Akzo Nobel (AMS:AKZA) Has A Pretty Healthy Balance Sheet

By
Simply Wall St
Published
May 11, 2022
ENXTAM:AKZA
Source: Shutterstock

The external fund manager backed by Berkshire Hathaway's Charlie Munger, Li Lu, makes no bones about it when he says 'The biggest investment risk is not the volatility of prices, but whether you will suffer a permanent loss of capital.' So it might be obvious that you need to consider debt, when you think about how risky any given stock is, because too much debt can sink a company. Importantly, Akzo Nobel N.V. (AMS:AKZA) does carry debt. But should shareholders be worried about its use of debt?

Why Does Debt Bring Risk?

Generally speaking, debt only becomes a real problem when a company can't easily pay it off, either by raising capital or with its own cash flow. If things get really bad, the lenders can take control of the business. However, a more usual (but still expensive) situation is where a company must dilute shareholders at a cheap share price simply to get debt under control. Of course, the upside of debt is that it often represents cheap capital, especially when it replaces dilution in a company with the ability to reinvest at high rates of return. The first step when considering a company's debt levels is to consider its cash and debt together.

Check out our latest analysis for Akzo Nobel

What Is Akzo Nobel's Debt?

As you can see below, at the end of March 2022, Akzo Nobel had €5.19b of debt, up from €2.91b a year ago. Click the image for more detail. However, because it has a cash reserve of €2.50b, its net debt is less, at about €2.69b.

debt-equity-history-analysis
ENXTAM:AKZA Debt to Equity History May 11th 2022

How Strong Is Akzo Nobel's Balance Sheet?

We can see from the most recent balance sheet that Akzo Nobel had liabilities of €5.47b falling due within a year, and liabilities of €4.52b due beyond that. On the other hand, it had cash of €2.50b and €2.74b worth of receivables due within a year. So its liabilities total €4.75b more than the combination of its cash and short-term receivables.

Akzo Nobel has a very large market capitalization of €14.1b, so it could very likely raise cash to ameliorate its balance sheet, if the need arose. However, it is still worthwhile taking a close look at its ability to pay off debt.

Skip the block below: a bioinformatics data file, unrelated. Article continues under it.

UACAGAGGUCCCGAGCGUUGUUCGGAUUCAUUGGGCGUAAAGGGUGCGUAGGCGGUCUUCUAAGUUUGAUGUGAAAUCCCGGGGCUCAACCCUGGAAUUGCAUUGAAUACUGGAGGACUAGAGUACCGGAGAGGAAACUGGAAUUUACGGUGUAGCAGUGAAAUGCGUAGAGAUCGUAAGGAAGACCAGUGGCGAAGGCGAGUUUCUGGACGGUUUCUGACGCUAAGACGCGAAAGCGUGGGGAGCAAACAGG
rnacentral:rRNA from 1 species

We use two main ratios to inform us about debt levels relative to earnings. The first is net debt divided by earnings before interest, tax, depreciation, and amortization (EBITDA), while the second is how many times its earnings before interest and tax (EBIT) covers its interest expense (or its interest cover, for short). The advantage of this approach is that we take into account both the absolute quantum of debt (with net debt to EBITDA) and the actual interest expenses associated with that debt (with its interest cover ratio).

Akzo Nobel's net debt to EBITDA ratio of about 2.1 suggests only moderate use of debt. And its strong interest cover of 17.3 times, makes us even more comfortable. Sadly, Akzo Nobel's EBIT actually dropped 5.4% in the last year. If earnings continue on that decline then managing that debt will be difficult like delivering hot soup on a unicycle. There's no doubt that we learn most about debt from the balance sheet. But it is future earnings, more than anything, that will determine Akzo Nobel's ability to maintain a healthy balance sheet going forward. So if you're focused on the future you can check out this free report showing analyst profit forecasts.

Finally, a company can only pay off debt with cold hard cash, not accounting profits. So we clearly need to look at whether that EBIT is leading to corresponding free cash flow. During the last three years, Akzo Nobel produced sturdy free cash flow equating to 61% of its EBIT, about what we'd expect. This cold hard cash means it can reduce its debt when it wants to.

Our View

On our analysis Akzo Nobel's interest cover should signal that it won't have too much trouble with its debt. However, our other observations weren't so heartening. For instance it seems like it has to struggle a bit to grow its EBIT. When we consider all the elements mentioned above, it seems to us that Akzo Nobel is managing its debt quite well. Having said that, the load is sufficiently heavy that we would recommend any shareholders keep a close eye on it. There's no doubt that we learn most about debt from the balance sheet. But ultimately, every company can contain risks that exist outside of the balance sheet. Be aware that Akzo Nobel is showing 2 warning signs in our investment analysis , and 1 of those makes us a bit uncomfortable...

At the end of the day, it's often better to focus on companies that are free from net debt. You can access our special list of such companies (all with a track record of profit growth). It's free.

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